Some Random Music Related Thoughts

Jerry Lucky Commentary September 2016

Copyright Jerry Lucky © 2016 All Rights Reserved


Well it’s time to talk about a couple of random music related thoughts that have been rattling around my cranium. I throw these out for those of you who wish to cogitate and ruminate about stuff. Over the last few months we’ve experienced the deaths of Chris Squire, David Bowie, Keith Emerson, Prince and others less well known. Obviously I’m saddened by their passing but what intrigues me is how people respond to events like this. I’ve always been somewhat intrigued by this notion that when someone is no longer with us, dies suddenly or slowly we tend to go to such extremes to sing their praises. That certainly was the case with Prince and David Bowie.


There is this long-held notion that we are not to “speak ill of the dead.” Turns out it’s an expression that comes from the combination of two Latin phrases: De mortuis nihil nisi bonum ("Of the dead, nothing unless good") and De mortuis nil nisi bene [dicendum] ("Of the dead, nothing [spoken] unless well (truthfully)". Why someone chose to combine those two ideas into a singular concept that means we are not to speak ill of the dead is to me puzzling and bordering on superstition.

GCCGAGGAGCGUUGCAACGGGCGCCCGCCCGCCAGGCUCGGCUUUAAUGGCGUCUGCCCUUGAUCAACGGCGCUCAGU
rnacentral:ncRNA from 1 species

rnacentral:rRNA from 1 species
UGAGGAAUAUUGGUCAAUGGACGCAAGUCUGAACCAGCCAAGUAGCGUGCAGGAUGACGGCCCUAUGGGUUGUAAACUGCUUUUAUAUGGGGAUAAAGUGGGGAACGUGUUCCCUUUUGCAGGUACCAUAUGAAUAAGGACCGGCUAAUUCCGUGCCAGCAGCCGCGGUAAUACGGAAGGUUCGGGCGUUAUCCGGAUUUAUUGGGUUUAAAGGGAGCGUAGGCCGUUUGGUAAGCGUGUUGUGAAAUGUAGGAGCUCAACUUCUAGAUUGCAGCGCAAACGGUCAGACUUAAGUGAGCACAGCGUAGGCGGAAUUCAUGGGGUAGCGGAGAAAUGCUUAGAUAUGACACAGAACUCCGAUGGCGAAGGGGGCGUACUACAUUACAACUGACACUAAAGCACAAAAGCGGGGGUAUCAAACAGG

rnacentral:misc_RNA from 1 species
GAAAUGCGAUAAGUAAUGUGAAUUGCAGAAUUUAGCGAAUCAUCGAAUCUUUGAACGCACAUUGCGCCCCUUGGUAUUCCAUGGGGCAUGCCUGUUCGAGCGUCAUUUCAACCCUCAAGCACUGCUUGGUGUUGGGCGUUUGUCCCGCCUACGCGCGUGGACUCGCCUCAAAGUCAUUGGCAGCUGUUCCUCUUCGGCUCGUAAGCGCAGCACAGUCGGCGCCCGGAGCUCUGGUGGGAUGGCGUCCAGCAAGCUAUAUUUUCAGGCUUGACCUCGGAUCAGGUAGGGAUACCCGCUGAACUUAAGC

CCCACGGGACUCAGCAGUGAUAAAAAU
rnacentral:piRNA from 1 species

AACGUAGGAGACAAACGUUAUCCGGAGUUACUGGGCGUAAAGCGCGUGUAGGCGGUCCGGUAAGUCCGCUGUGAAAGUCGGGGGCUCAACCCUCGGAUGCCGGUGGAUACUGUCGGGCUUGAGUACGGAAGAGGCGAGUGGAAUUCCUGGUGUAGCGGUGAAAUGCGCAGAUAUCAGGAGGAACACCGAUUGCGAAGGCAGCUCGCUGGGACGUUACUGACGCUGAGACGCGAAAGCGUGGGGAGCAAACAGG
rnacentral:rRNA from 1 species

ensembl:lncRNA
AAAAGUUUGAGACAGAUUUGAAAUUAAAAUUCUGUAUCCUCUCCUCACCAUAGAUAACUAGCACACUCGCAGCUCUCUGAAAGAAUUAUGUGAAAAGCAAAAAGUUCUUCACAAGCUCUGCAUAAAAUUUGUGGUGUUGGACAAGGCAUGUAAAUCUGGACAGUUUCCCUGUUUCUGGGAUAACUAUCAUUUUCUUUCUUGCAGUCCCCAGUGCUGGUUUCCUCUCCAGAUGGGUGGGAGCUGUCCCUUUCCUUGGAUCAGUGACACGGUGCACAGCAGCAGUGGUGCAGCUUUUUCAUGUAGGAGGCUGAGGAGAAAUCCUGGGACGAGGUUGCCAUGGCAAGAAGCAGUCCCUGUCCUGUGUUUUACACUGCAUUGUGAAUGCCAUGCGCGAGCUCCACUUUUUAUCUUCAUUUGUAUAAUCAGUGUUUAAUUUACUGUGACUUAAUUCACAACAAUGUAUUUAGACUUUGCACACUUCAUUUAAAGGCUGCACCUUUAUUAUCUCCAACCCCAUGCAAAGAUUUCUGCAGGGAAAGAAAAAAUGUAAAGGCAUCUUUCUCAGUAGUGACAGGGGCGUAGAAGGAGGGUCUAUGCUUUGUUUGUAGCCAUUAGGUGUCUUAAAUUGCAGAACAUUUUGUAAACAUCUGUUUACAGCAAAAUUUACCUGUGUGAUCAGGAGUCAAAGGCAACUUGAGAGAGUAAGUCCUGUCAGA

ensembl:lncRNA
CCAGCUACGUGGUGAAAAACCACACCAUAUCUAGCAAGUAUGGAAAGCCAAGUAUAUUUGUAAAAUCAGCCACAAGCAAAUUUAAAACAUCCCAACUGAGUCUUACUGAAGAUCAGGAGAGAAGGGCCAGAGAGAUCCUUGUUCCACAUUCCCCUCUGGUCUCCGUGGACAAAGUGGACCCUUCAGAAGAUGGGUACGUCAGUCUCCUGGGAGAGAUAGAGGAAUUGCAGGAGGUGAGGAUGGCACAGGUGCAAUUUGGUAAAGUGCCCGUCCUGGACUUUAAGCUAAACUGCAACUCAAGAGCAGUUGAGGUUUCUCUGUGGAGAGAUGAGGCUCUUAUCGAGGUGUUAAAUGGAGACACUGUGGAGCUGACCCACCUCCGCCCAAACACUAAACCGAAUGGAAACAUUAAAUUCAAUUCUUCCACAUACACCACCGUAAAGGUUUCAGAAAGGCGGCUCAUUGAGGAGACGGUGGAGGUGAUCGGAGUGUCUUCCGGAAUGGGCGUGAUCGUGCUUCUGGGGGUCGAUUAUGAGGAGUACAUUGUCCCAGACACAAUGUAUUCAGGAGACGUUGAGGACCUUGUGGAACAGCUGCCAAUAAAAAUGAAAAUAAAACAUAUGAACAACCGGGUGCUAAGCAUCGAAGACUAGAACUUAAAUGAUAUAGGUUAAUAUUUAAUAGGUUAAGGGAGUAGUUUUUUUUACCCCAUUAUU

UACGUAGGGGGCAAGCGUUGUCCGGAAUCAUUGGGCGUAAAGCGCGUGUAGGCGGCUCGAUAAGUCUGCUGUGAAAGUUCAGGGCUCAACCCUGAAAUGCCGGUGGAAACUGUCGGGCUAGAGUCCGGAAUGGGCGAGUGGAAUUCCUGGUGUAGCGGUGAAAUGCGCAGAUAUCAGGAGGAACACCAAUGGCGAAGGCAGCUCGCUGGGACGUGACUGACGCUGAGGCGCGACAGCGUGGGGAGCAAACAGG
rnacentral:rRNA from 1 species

We’ve always been somewhat scared of death and I’ve often wondered if this was somehow related to our fear of the dead, that if by saying something bad we might suffer some retribution; or be cursed from the other side. There is of course the other side of the coin and that is that we show respect for those who have died by not saying anything bad about them, since they can no longer hurt us or even defend themselves. That being the case it is perhaps better to forget their bad actions and remember only their good side. And that makes sense…to a point.


What doesn’t make sense to me however is when in the process of doing this we suddenly fabricate the idea that the individual was somehow, the most perfect, creative human being that has ever lived. We see this a lot. While alive, the person is rarely talked about, for any reason let alone creative ones, and then when they are gone suddenly everyone in the media, everyone on social media is jumping to be first to say how skillful they were at this or how creative they were at that or simply what a great human being they were. The week before their death – crickets… then, one minute after their death they were God’s gift to humanity and people just can’t stop talking about them. Really? Some might say they’re just being polite but if you truly felt that way why weren’t you talking about them that way while they were still alive to hear what you had to say? Anyway, I can’t help but feel this whole thing smacks of a kind of shallow-ness and superficiality so prevalent today and perhaps more than anything a lot of that superstition I mentioned earlier. As they say in Marvel comics – “nuf said.”